Things went Picturerom bad to ridiculous in 1983, when Dio was substituted by another hard-rock frontman celebrity Ian Gillan, taken straight from the proverbial heart of Deep Purple. The resulting, ironically-titled album, „Born Again”, was an excercise in heavy-metal cliche, although it still managed to hit the UK Top 5.[1]

     The original Sabbath reunited on the 13th of July ’85 for a rather disappointing one-off performance at the ‘Live Aid’ concert in Philadelphia. In 1986, Iommi was in full control once more, even giving his name co-billing on the appalling, „Seventh Star” set. Astonishingly, Sabbath were given another chance by Miles Copeland’s „I.R.S.” records, Iommi having found a new vocalist Tony Martin, also securing the services of veteran drummer, Cozy Powell  to boost the sales of thei comeback album „Headless Cross” (1989). The 1990’s saw Iommi and group trying to relive past glories, the 1995 album „Forbidden” even including a vocal piece from US rapper, Ice-T. At the turn of 1997/8, Iommi and Osbourne had finally settled their differences, coming together in a much heralded Sabbath reunion.[1]

   In the summer of 1997, Tony Iommi, Geezer Butler, and Ozzy Osbourne officially reunited to co-headline the Ozzfest festival tour alongside Osbourne's solo band. Band embarked on a European tour in the summer of 1998, Ward suffered a heart attack and was temporarily replaced by former drummer Vinny Appice. Ward returned in time for the US tour with openers Pantera, which began in January 1999 and continued through the summer, headlining the annual Ozzfest tour. Following the Ozzfest appearances, the band was put on hiatus while members worked on solo material. Tony Iommi released his first official solo album, "Iommi", in 2000, while Osbourne continued work on his next solo release, "Down to Earth".[2]

    The band remained on hiatus until the summer of 2004 when they returned to headline Ozzfest 2004 and 2005. In November 2005, Black Sabbath were inducted into the UK Music Hall of Fame, and in March 2006, after eleven years of eligibility, the band were inducted into the US Rock and Roll Hall of Fame. At the awards ceremony Metallica played two Black Sabbath songs, "Hole in the Sky" and "Iron Man" in tribute to the band.[2]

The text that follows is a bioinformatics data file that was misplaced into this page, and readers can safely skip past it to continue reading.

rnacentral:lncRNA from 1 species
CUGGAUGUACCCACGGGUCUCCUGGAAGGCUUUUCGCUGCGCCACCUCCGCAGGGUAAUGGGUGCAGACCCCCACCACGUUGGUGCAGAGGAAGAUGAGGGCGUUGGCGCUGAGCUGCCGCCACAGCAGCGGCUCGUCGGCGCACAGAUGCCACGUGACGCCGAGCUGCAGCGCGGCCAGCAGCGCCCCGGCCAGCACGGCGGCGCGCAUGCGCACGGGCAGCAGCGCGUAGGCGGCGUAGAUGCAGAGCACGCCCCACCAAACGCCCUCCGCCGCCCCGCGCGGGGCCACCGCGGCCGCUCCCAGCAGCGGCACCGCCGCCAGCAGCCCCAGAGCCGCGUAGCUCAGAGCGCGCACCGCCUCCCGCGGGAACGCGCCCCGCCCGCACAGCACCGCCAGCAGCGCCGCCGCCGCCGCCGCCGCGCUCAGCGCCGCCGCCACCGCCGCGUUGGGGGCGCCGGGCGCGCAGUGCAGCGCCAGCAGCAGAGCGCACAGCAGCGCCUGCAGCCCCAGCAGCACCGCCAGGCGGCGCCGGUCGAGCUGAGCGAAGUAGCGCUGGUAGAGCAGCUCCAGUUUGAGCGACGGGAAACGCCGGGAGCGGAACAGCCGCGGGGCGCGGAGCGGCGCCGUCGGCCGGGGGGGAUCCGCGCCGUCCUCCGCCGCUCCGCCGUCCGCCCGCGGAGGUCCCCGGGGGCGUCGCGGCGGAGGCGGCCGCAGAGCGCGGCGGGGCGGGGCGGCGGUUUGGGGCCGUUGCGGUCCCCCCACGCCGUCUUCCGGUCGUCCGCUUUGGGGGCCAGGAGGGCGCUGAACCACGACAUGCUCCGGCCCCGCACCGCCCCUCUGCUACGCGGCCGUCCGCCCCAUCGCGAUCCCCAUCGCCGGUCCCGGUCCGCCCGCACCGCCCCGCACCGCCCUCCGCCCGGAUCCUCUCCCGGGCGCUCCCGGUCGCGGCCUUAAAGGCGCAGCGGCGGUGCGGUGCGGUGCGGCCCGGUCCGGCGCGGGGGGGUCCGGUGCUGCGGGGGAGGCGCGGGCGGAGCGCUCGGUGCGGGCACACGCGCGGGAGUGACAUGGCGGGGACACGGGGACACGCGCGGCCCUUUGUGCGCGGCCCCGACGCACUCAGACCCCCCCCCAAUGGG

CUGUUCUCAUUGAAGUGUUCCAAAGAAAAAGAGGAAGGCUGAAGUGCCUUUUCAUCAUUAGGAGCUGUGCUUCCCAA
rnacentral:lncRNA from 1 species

On 11 November 2011, Iommi, Butler, Osbourne, and Ward announced that they were reuniting to record a new album with a full tour in support beginning in 2012. Guitarist Iommi was diagnosed with lymphoma on 9 January 2012, which forced the band to cancel all but two shows (Download Festival, and Lollapalooza Festival) of a previously booked European tour.[2]

    On 13 January 2013, the band announced that the album would be released in June under the title "13". On 12 April 2013, the band released the album's track listing. The standard version of the album features eight new tracks, and the deluxe version features three bonus tracks.[2]

    The Black Sabbath's first single from "13", "God Is Dead?", was released on 19 April 2013. On 20 April 2013, Black Sabbath commenced their first Australia/New Zealand tour in 40 years, to be followed by a major North American Tour in Summer 2013. The second single of the album, "End of the Beginning", debuted on 15 May in a CSI: Crime Scene Investigation episode, where all three members appeared. In June 2013, "13" topped both the UK Albums Chart and the US Billboard 200. "God Is Dead?" earned Black Sabbath their first Grammy Award in 14 years for Best Metal Performance in 2014.[2]

1. The Great Rock Discography - Martin C.Strong, Four Edition, by Canongate Publishing, Ltd. Edinburgh,  p. 72
2. Source:


Black Sabbath (Feb 13, 1970)
Paranoid (Sep 18, 1970)
Master of Reality (Jul 21, 1971)
Black Sabbath, Vol. 4 (Sep 25, 1972)
Sabbath Bloody Sabbath (Dec 1, 1973)
Sabotage (Jul 28, 1975)
Technical Ecstasy (Sep 25, 1976)
Never Say Die! (Sep 28, 1978)
Heaven & Hell (Apr 25, 1980)
Mob Rules (Nov 4, 1981)
Born Again (Aug 7, 1983)
Seventh Star (Jan 28, 1986)
The Eternal Idol (Nov 1, 1987)
Headless Cross (Apr 1, 1989)
Tyr (Aug 20, 1990)
Dehumanizer (Jun 30, 1992)
Cross Purposes (Jan 31, 1994)
Forbidden (Jun 8, 1995)
13 (Jun 10, 2013)

Singles & EPs

Evil Woman / Wicked World (Jan 9, 1970)
Paranoid / The Wizard (Aug, 1970)
Iron Man / Electric Funeral (Jan, 1972)
Tomorrow's Dream (Sep, 1972)
Sabbath Bloody Sabbath (Oct, 1973)
Am I Going Insane (Feb 13, 1976)
Never Say Die / She's Gone (May, 1978)
Hard Road (Sep 29, 1978)
Neon Knights (Jun 20, 1980)
Die Young / Heaven And Hell (Nov 28, 1980)
Mob Rules / Die Young (Oct, 1981)
Turn Up The Night (Feb, 1981)
Trashed / Stonehenge (Oct, 1983)
Headless Cross (Apr, 1989)
Devil And Daughter (Jun, 1989)
Feels Good To Me / Paranoid (Jul, 1990)
TV Crimes / Letters From Earth (Jun, 1992)
Psycho Man (Nov 2, 1998)
God Is Dead? (Apr 19, 2013)
The Rebel